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The evidence was not objected to as hearsay | high Valley R. R., 236 U. S. 434, 439, 35 Sup. when introduced, nor, indeed, at any time Ct. 337, 59 L. Ed. 659; Mills v. Lehigh Valley during the hearing before the commission. R. R., 238 U. S. 473, 482, 35 Sup. Ct. 888, Counsel did in some instances assert that 59 L. Ed. 1414), being open to contradiction there was a failure of proof, and suggest by the carrier when sued for recovery of that the proceeding ought to be dismissed. the amount awarded, is an added reason for But the objections came too late, and were too general in character, to be equivalent to an objection to the reception of the evidence because hearsay. Even in a court of law, if evidence of this kind is admitted without objection, it is to be considered, and accorded its natural probative effect, as if it were in law admissible. Diaz v. United States, 223 U. S. 442, 450, 32 Sup. Ct. 250, 56 L. Ed. 500, Ann. Cas. 1913C, 1138; Rowland v. St. Louis & S. F. R. R. Co., 244 U. S. 106, 108, 37 Sup. Ct. 577, 61 L. Ed. 1022; Damon v. Carrol, 163 Mass. 404, 408, 40 N. E. 185. And it is clear that the verification of the details of
the *claim's by the carriers after full investigation by their auditing departments constituted primary evidence against them, and went far towards showing that the facts as disclosed by the hearsay evidence might be depended upon.
 We are not here called upon to consider whether the commission may receive and act upon hearsay evidence seasonably objected to as hearsay; but we do hold that in this case, where such evidence was introduced without objection and was substantially corroborated by original evidence clearly admissible against the parties to be affected, the commission is not to be regarded as having acted arbitrarily, nor may its findings and order be rejected as wanting in support, simply because the hearsay evidence was considered with the rest.
In Interstate Com. Comm. v. Baird, 194 U. S. 25, 44, 24 Sup. Ct. 563, 569 (48 L. Ed. 860), it was said:
"The inquiry of a board of the character of the Interstate Commerce Commission should not be too narrowly constrained by technical rules as to the admissibility of proof. Its function is largely one of investigation and it should not be hampered in making inquiry pertaining to interstate commerce by those narrow rules which prevail in trials at common law where a strict correspondence is required between allegation and proof."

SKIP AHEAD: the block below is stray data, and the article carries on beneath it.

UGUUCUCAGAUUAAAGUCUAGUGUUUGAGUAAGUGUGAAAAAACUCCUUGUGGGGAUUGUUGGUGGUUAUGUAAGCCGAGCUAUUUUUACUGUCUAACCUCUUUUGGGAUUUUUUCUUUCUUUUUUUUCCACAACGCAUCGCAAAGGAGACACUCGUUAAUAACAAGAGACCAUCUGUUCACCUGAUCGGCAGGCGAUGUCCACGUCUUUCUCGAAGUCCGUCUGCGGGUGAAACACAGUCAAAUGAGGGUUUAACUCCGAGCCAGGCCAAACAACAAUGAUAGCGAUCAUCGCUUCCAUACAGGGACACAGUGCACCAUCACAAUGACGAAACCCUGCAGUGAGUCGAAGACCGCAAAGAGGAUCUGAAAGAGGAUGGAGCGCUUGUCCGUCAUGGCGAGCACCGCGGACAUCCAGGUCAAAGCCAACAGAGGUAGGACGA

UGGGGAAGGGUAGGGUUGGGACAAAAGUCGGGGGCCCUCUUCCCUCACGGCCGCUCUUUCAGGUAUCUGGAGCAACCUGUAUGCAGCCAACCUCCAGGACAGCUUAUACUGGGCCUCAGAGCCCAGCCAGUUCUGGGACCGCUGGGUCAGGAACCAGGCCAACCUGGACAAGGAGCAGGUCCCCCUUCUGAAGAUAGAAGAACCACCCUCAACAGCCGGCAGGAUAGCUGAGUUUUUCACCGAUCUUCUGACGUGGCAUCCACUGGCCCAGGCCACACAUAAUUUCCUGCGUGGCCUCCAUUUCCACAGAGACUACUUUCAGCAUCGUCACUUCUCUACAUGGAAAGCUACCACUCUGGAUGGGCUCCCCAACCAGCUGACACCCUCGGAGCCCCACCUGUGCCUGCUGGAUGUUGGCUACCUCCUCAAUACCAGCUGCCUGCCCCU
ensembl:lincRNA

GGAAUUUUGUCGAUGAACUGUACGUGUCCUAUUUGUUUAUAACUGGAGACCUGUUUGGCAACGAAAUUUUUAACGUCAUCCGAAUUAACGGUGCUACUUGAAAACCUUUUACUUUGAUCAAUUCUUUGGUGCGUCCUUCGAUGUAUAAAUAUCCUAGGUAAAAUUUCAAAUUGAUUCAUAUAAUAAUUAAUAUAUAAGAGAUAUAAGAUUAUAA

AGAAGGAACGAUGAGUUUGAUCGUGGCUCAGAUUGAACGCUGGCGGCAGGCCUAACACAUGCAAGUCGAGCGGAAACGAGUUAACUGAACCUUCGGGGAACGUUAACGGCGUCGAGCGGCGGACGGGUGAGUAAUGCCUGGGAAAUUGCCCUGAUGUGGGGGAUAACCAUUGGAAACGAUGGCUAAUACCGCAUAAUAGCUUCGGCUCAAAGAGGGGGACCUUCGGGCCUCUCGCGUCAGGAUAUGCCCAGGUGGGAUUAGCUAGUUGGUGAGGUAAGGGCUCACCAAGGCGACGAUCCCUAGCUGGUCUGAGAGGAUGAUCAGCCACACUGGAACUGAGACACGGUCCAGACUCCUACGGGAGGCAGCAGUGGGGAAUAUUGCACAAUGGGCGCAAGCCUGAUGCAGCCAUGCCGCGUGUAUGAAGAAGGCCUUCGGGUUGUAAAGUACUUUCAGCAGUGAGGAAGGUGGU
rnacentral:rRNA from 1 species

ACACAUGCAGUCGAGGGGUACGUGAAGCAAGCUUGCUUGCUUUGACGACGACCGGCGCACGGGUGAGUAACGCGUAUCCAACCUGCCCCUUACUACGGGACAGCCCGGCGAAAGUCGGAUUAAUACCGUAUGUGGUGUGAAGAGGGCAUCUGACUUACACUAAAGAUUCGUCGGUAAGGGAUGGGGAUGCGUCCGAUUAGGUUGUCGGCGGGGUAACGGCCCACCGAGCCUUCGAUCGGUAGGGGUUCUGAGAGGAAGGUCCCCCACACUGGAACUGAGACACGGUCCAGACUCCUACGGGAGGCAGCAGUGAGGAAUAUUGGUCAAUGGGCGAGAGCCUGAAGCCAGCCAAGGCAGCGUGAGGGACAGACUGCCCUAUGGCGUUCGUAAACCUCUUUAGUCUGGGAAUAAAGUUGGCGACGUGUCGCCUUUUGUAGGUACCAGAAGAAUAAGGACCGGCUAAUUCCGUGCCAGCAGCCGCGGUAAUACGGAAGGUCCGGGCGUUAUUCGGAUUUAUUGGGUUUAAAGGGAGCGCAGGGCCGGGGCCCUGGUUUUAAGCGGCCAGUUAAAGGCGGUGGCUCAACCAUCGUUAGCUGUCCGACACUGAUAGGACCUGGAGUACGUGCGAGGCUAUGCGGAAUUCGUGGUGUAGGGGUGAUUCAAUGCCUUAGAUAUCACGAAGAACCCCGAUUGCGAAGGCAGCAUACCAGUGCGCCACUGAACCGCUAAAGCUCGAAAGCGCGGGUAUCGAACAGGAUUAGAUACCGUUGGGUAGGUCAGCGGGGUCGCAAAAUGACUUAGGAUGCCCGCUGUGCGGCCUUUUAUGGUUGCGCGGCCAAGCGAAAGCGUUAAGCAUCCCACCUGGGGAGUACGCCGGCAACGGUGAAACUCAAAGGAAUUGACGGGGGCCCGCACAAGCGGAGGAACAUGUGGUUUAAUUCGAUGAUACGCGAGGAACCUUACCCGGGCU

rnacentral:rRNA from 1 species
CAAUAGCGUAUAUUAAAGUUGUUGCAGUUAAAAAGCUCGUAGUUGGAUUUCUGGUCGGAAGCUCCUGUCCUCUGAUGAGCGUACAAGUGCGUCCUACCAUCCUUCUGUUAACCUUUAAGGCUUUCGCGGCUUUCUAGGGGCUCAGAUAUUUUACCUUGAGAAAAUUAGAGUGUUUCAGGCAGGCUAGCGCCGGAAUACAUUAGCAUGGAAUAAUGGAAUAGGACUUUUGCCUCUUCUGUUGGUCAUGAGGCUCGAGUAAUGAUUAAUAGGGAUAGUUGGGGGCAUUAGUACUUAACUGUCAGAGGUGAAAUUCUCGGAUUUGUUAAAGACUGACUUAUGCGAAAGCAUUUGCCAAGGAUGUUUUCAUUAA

In Interstate Com. Comm. v. Louis. & Nash. R. R., 227 U. S. 88, 93, 33 Sup. Ct. 185, 187 (57 L. Ed. 431), the court recognized that
"The commission is an administrative body and, even where it acts in a quasi judicial capacity, is not limited by the strict rules, as to the admissibility of evidence, which prevail in suits between private parties."
And the fact that a reparation order has at most only the effect of prima facie evidence (Meeker & Co. v. Lehigh Valley R. R., 236 U. S. 412, 430, 35 Sup. Ct. 328, 59 L. Ed. 644, Ann. Cas. 1916B, 691; Meeker v. Le
not binding down the *commission too closely in respect of the character of the evidence it may receive or the manner in which its hearings shall be conducted.
In this case the commission did not act upon evidence of which the carriers were not cognizant and to which they had no opportunity to reply, as in the case supposed in Interstate Com. Comm. v. Louis. & Nash. R. R., 227 U. S. 88, 91, 93, 33 Sup. Ct. 185, 57 L. Ed. 431. All the carriers participated in the hearing, and had full opportunity to object, to cross-examine, and to introduce evidence on their own part.